Source: http://www.britannica.com/EBchecked/topic/387685/Laszlo-Moholy-Nagy

Moholy-Nagy proposed that a photogram was like a light painting and in the early 1920’s produced several photograms in which the two dimensional surface of the photosensitive paper was exposed using only light from a flashlight to produce images that exhibited three dimensionality. The illusion of depth was created in the two-dimensional space. These experiments were also expanded to include objects chosen because of their degree of transparency and their physical thickness. these features of the object resulted in unique projections on the two-dimensional photosensitive surface. He also experimented with the concept of motion in the photogram image by actually moving objects during exposure. These ideas at the time were contrary with all of the teaching on the photographic process – lack of vibration or movement during the taking or printing of photographic images. Moholy-Nagy broke the chains of conceptual limitations and expanded photographic possibilities.Moholy-Nagy is considered a major influence on the history of photography.  He trained photographers in the use of light.  Whether or not he discovered or rediscovered the photogram process he certainly created via manipulation of light and object, memorable images based on the synergy of this combination. His use of non-rigid and non-structured materials as light modulators allowed him to make photograms which were dematerialized in the conventional photographic sense and more about transforming the qualities of light into imagery. He employed the facets of crystal and cut glass and veils as non-rigid materials and liquids as non-structured materials for production of his photograms.

Source: http://www.photograms.org/chapter03.html

In 1937 the famous designer László Moholy-Nagy moved from London to Chicago. His work may serve as an introduction to the kind of relationships between ecological architecture and science that I investigate here. Late in life Moholy-Nagy complained that the original meaning of Louis Sullivan’s celebrated motto “Form follows function” had been “blurred” to a “cheap commercial slogan,” so that its original meaning was lost. According to Moholy-Nagy, the motto should be understood in view of “phenomena occurring in nature,” where every form emerges from its proper function.  As professor of the metal workshop and responsible for teaching the preliminary design course at the Bauhaus, Weimar, Moholy-Nagy is a key figure in the history of modernist design.

Source: From Bauhaus to Eco-house: A history of Ecological Design, 2011

At the same time, he was fascinated by the city, by the skyscrapers and factories, the fast-developing industrial landscape of the early 20th century. Moholy-Nagy thrived on ideas of dynamic progress, of mechanisation, the inherent possibilities of new materials. As he wrote in MA (Today), the avant-garde magazine then being published in Vienna: “Everyone is equal before the machine. I can use it; so can you. It can crush me; the same can happen to you.” His grasp of new technologies was prophetic.Moholy-Nagy was entranced by the mechanised production of artworks, ridiculing the artist’s traditional stance as individual creator. In 1922, his Telephone Paintings were exhibited at Der Sturm gallery in Berlin. The series of three enamel panels had been ordered from a factory specialising in commercial signs. The geometric motif of vertical bar and two crucifix forms was identical on all three panels; only the panel sizes differed. Moholy-Nagy later claimed that he had ordered them by telephone, giving his instructions to the sign painter by means of graph paper and a standard industrial colour chart. This may not be entirely true: Moholy-Nagy could be a joker. Still, he titled the Telephone Paintings not with words but with letters and numbers like a factory production code.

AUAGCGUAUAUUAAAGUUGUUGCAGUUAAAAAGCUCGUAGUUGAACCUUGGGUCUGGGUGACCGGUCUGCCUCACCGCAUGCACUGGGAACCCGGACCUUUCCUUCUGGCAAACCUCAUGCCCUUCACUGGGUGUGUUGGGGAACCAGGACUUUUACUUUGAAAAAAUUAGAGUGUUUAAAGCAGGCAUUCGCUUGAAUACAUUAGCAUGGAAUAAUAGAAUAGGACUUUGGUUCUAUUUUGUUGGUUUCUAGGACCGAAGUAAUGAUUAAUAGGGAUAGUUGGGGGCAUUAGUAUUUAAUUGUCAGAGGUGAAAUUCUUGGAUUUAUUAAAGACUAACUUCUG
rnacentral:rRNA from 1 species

Source: http://www.guardian.co.uk/artanddesign/2006/mar/18/art.modernism

The expectations of the age of technology and his new media led Moholy-Nagy to a functional use of Abstraction, which he managed to show in all areas of design and which guided him through different phases of experimenting. His varied oeuvre ranges from painting, photography, film, design and stage design to experiments with photograms which considerably influenced the development of light art and kinetic art. László Moholy-Nagy left the “Bauhaus” in 1928 together with Gropius and worked in Berlin as a stage designer, exhibition organiser, typographer and film producer. He emigrated to the USA in 1937 and ran the “New Bauhaus” in Chicago. Moholy-Nagy opened his own art institute, the “School of Design”, in Chicago in 1938 and enlarged it in the following years by adding the faculties economics, psychology and information theory.László Moholy-Nagy became severely ill and died one year later, in 1946.

Source: http://www.moholy-nagy.eu

 


 

 

Saul Bass

In the following essay I am going to talk about one of the most famous and amazing graphic designers in the world, Saul Bass. The second part is going to be about his life; in the third and fourth sections I am going to talk about his works and the innovations that he brought into the graphic design area and also in cinematography. In the fifth part I will include some final remarks and a conclusion.

Saul Bass was a graphic designer and art director born in New York in 1920. He studied art at Brooklyn College and then, in 1946, he moved to Los Angeles and founded Saul Bass and Associates creating logos for different companies. After moving into the cinematographic area, he started creating trailers and titles for films, at first for Cameron Jones and later on, for Alfred Hitchcock (North by Northwest, Psycho [image 2], Anatomy of a Murder [image 3],Goodfellas, Vertigo [image 4]). The artwork he created for these movies is, in my opinion the reason why Saul Bass is so famous today. He died on April 25th 1996 in Los Angeles of “non-Hodgkins lymphoma, his family said” (New York Times, 1996).